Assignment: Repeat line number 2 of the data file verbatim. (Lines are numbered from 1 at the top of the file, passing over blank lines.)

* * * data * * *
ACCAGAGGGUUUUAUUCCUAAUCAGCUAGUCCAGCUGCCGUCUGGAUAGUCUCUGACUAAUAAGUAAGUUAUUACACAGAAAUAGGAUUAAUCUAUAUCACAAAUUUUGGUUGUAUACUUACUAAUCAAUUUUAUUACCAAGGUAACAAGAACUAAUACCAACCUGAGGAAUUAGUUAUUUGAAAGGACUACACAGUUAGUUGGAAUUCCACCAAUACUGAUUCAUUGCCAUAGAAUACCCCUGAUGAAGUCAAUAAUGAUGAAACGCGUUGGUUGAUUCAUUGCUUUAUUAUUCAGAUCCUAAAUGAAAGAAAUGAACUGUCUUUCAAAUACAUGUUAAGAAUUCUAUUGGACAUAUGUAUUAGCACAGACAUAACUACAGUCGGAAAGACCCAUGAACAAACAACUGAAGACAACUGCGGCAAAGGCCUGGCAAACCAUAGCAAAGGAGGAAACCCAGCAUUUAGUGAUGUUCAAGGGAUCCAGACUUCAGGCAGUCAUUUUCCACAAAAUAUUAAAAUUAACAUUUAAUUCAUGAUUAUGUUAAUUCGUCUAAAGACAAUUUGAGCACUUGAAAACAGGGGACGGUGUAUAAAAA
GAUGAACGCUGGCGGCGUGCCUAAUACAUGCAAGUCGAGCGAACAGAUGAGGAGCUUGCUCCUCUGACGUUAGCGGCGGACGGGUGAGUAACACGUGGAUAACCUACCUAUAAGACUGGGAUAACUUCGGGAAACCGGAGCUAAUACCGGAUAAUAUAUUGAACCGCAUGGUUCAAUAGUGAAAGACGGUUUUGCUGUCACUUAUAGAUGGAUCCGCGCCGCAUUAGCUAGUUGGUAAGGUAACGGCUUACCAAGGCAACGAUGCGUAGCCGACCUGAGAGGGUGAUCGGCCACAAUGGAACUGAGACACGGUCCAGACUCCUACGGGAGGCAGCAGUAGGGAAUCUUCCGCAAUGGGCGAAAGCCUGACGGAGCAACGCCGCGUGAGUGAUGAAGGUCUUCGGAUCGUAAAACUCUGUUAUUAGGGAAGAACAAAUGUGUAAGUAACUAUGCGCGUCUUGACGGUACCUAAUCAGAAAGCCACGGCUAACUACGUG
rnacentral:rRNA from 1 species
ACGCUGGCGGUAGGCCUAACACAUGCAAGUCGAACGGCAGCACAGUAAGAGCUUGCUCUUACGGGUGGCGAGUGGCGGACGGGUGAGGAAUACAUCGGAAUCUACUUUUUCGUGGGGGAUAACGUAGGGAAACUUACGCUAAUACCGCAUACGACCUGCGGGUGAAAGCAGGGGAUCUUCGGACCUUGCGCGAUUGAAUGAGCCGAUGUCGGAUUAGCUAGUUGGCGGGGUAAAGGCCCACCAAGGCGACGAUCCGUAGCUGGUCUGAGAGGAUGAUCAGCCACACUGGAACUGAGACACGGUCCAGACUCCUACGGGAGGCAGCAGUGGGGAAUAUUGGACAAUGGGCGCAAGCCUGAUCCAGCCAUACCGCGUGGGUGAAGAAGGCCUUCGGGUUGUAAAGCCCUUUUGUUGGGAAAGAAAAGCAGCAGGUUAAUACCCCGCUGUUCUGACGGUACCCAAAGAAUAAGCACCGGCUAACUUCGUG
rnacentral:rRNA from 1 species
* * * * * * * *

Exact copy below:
GAUGAACGCUGGCGGCGUGCCUAAUACAUGCAAGUCGAGCGAACAGAUGAGGAGCUUGCUCCUCUGACGUUAGCGGCGGACGGGUGAGUAACACGUGGAUAACCUACCUAUAAGACUGGGAUAACUUCGGGAAACCGGAGCUAAUACCGGAUAAUAUAUUGAACCGCAUGGUUCAAUAGUGAAAGACGGUUUUGCUGUCACUUAUAGAUGGAUCCGCGCCGCAUUAGCUAGUUGGUAAGGUAACGGCUUACCAAGGCAACGAUGCGUAGCCGACCUGAGAGGGUGAUCGGCCACAAUGGAACUGAGACACGGUCCAGACUCCUACGGGAGGCAGCAGUAGGGAAUCUUCCGCAAUGGGCGAAAGCCUGACGGAGCAACGCCGCGUGAGUGAUGAAGGUCUUCGGAUCGUAAAACUCUGUUAUUAGGGAAGAACAAAUGUGUAAGUAACUAUGCGCGUCUUGACGGUACCUAAUCAGAAAGCCACGGCUAACUACGUG